In November 2009, the SEC adopted additional amendments. The new rules required a broader disclosure of credit ratings history information, such as the initial rating and any actions subsequently taken, including downgrades, upgrades, confirmations, and placements on watch. The rules required a NRSRO to disclose, on a delayed basis, ratings history information in a downloadable format for all ratings initially determined on or after 26 June 2007 (‘100% requirement’). This new disclosure requirement, as explained in Section 3.8.6—under the analysis of ESMA’s central repository—is designed to foster greater transparency of ratings quality and accountability among NRSROs, by making it easier for investors to analyse the actual performance of ratings.
(p.275) Also in November 2009, a new rule (amended rule 240 17g-5) was adopted in order to enable competing CRAs to offer unsolicited ratings for structured finance products, by granting them access to the necessary underlying data of the transactions (see Section 3.8.5).
In August 2010 the Dodd–Frank Wall Street Reform and Consumer Protection Act was passed. As a response to the financial crisis, this complex piece of legislation reforms a number of areas of the US financial services framework. Its provisions, among other things, address systemic risk; regulate advisers to hedge funds; establish a Federal Insurance Office and seek to reform insurance regulation; regulate over-the-counter derivatives markets; reform the transaction clearing and settlement process; and strengthen investor protection and improve a number of areas of the securities regulation. Among the reforms in the last area mentioned are the improvements to the regulation of CRAs included in Title IX, Subtitle C of the Act. The following paragraphs summarize the key provisions and requirements of the Dodd–Frank Act that relate to CRAs.2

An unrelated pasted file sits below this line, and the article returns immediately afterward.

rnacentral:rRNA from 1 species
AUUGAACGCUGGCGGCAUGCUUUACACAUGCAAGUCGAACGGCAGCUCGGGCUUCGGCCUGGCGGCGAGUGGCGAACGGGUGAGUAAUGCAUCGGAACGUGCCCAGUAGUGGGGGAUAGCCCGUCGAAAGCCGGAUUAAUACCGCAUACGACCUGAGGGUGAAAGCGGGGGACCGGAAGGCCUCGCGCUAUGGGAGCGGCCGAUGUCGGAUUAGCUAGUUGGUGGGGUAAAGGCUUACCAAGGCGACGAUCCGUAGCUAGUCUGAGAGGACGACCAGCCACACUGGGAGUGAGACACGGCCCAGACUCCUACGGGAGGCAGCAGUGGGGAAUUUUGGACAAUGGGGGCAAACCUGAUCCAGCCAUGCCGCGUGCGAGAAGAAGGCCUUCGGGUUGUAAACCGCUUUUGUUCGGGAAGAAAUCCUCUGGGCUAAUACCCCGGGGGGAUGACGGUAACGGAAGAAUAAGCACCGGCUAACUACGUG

New Office of Credit Ratings at the SEC
The Act creates an Office of Credit Ratings at the SEC with its own director and compliance staff, composed of people with ‘knowledge of and expertise in corporate, municipal, and structured debt finance’. The mission of the Office is to protect the users of ratings, promote accuracy in credit ratings issued by NRSROs, and ensure that such ratings are not unduly influenced by conflicts of interest. The Office is required to examine NRSROs at least once a year and make key findings public. In connection with its annual examinations, the Office will review the following aspects of the NRSRO’s operations: whether the NRSRO is conducting business in accordance with its policies, procedures, and rating methodologies; the management of conflicts; the implementation of ethics policies; the internal supervisory controls; the governance; the processing of complaints; and the policies governing the post-employment activities of former staff of the NRSRO.